Isaiah 61:1-2, 10-11
Luke 1:26-50, 53-54
I Thessalonians 5:16-24
John 1:6-8, 19-28
I was a bit of troublemaker in junior high school, a class clown for whom the principal’s office and the detention hall were not all that unfamiliar. Of all my disciplinary interactions with the various school authorities I remember almost nothing, with the exception of one short adage which the guidance counselor had mounted above her desk in one of those old multi-page banners you used to be able to make so easily with the printer paper that was already attached and had the tracking strips on each side. It was one of those omnipresent clichés of childhood mediation: “If nothing changes, then nothing changes.” Strangely enough, though, that phrase has continued to pop into my mind as I have grown older (and hopefully wiser), and has expanded in its complexity and scope of application.
The surface meaning of the phrase, of course, is that one should not expect different results from identical actions and conditions. “If you keep misbehaving in Mr. Kitney’s class, you’re going to continue to get into the same kind of trouble.” The principle could just as easily be applied to society and history, however. The ancients were not entirely naïve or irrational to think that everything in the cosmos, including human history, were caught up in an eternal recurrence of cyclical patterns. Everything that is and will be has been before, and thus it is illusory to imagine there has been or ever will be anything truly “new under the sun.”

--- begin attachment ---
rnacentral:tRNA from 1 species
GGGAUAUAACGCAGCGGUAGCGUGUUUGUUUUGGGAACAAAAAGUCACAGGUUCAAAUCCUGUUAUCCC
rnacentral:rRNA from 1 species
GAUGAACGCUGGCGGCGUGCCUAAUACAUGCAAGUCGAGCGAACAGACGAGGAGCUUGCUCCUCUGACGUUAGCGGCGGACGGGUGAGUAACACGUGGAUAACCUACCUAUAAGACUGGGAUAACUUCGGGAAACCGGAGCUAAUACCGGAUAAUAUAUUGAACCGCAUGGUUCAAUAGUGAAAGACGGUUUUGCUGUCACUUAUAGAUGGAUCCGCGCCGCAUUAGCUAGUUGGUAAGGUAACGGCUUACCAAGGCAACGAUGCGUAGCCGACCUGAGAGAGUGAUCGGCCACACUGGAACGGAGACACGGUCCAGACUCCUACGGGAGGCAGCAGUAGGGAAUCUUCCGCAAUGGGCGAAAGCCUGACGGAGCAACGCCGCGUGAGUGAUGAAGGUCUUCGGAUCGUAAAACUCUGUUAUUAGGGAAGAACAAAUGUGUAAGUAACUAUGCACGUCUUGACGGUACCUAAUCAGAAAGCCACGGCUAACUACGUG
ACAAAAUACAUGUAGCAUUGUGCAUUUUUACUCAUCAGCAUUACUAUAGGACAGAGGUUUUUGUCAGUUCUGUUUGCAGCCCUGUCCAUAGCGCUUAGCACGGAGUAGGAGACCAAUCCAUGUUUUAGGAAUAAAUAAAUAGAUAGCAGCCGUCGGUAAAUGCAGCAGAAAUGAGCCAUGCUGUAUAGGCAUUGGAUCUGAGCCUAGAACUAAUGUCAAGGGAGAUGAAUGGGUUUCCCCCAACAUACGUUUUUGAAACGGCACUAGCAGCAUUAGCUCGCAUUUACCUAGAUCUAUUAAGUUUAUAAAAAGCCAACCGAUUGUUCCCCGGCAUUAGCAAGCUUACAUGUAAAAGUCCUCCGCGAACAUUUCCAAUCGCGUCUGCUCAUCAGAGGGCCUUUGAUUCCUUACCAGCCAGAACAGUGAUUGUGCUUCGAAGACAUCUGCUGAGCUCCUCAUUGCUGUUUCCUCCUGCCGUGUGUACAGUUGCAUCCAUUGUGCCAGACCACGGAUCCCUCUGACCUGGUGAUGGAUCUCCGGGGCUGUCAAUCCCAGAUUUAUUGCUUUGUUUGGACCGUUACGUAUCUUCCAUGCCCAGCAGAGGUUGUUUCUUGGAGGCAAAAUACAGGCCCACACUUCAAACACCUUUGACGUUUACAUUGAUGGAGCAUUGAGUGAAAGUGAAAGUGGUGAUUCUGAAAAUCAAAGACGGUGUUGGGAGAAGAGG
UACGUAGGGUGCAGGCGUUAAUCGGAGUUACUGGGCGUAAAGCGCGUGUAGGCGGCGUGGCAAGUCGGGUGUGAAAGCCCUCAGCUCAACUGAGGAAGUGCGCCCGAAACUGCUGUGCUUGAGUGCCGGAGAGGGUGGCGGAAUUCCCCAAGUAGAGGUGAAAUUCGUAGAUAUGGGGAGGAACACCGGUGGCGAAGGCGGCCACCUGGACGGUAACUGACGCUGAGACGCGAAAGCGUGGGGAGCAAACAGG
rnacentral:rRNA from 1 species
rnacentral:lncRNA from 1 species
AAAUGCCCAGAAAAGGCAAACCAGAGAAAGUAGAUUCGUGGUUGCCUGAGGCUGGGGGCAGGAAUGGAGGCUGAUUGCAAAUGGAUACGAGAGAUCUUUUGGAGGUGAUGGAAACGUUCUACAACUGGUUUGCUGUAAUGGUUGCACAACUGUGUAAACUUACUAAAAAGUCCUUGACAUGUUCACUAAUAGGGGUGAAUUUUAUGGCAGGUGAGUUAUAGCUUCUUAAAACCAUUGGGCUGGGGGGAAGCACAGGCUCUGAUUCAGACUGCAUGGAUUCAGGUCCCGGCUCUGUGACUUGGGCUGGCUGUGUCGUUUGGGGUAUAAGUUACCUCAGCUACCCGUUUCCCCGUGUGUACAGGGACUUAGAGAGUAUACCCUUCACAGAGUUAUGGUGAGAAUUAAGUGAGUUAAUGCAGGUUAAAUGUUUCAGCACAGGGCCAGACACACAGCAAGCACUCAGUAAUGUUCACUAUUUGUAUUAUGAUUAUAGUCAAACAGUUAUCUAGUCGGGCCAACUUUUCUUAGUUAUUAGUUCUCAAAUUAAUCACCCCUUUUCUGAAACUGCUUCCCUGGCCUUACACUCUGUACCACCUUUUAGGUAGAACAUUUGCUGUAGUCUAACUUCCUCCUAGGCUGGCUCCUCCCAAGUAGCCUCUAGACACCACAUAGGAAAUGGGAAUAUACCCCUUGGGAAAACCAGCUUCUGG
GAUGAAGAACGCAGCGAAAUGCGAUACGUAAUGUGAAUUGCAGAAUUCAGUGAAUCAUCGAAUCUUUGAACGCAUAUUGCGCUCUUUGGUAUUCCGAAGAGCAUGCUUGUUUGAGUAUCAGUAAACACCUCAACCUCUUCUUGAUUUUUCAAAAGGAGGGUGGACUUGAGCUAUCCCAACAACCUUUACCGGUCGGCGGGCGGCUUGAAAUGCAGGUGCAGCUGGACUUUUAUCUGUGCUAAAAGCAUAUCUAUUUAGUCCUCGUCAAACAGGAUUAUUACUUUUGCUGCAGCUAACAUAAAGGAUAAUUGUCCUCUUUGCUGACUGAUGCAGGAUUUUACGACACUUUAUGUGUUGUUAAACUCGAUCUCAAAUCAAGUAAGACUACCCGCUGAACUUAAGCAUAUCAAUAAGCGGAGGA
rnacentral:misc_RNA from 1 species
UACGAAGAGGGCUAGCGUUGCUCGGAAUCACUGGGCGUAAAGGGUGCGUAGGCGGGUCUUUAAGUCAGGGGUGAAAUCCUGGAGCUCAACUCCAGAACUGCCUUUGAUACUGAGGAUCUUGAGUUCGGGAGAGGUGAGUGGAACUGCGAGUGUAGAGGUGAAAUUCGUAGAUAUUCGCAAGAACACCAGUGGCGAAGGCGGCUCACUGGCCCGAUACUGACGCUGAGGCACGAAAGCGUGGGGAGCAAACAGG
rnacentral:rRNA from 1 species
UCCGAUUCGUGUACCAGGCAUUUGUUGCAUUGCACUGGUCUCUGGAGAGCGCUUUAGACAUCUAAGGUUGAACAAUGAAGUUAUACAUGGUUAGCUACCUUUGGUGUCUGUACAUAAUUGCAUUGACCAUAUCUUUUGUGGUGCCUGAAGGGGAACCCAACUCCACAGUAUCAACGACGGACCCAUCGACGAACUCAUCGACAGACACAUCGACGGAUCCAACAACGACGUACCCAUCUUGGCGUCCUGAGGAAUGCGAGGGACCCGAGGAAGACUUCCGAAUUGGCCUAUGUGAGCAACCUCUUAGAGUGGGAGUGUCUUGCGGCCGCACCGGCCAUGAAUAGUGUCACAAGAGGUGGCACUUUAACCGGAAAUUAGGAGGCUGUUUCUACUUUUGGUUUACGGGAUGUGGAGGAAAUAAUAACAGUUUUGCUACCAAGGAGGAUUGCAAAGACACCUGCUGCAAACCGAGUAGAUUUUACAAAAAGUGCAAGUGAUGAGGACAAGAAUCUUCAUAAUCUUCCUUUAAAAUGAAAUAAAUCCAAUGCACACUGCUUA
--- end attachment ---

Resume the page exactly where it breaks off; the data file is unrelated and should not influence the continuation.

Indeed, I think if one lives long enough, the evidence for this view can only grow. I just listened to a fascinating (and funny) story on the NPR program This American Life which sought to gauge interest in time-travel among elderly people. To the interviewer’s surprise, it was not any logistical inconvenience or prudent fear of chronological intervention that made the older men and women scoff at the idea of time travel; it was rather the settled conviction that it ultimately would not make any difference in the end. Human beings will continue to tread the same path they always have, and the dynamic forces that shape history will continue to exert the same influences in the same ways. I myself already feel a twinge of this ennui as I read the newspaper and encounter my fellow community members each day: the world will continue to spin on, one era giving way to the next, with only superficial differences to distinguish them.
I would submit that if there is any central, overriding theme to the lectionary readings of Advent, it is that this view of history and society is mistaken. More pointedly, what the Advent scriptures repeatedly affirm is that the manifestation of what is truly and authentically new (novitas) is not merely an integral part of human history, but rather the deepest meaning of that history. After all, if novitas is merely one more phenomenon or “ingredient” in the cosmos, then it could just as easily be incorporated into the eternal cyclical patterns as anything else. Yet the view of history that emerges from the Bible, and that is on such poignant display during this season, is that time is itself a creature, and that its highest purpose and dignity is to serve as a vehicle for the in-breaking of the divine. This in-breaking is always new, it is always sui generis; yet it comes to its culmination in the person of Jesus Christ.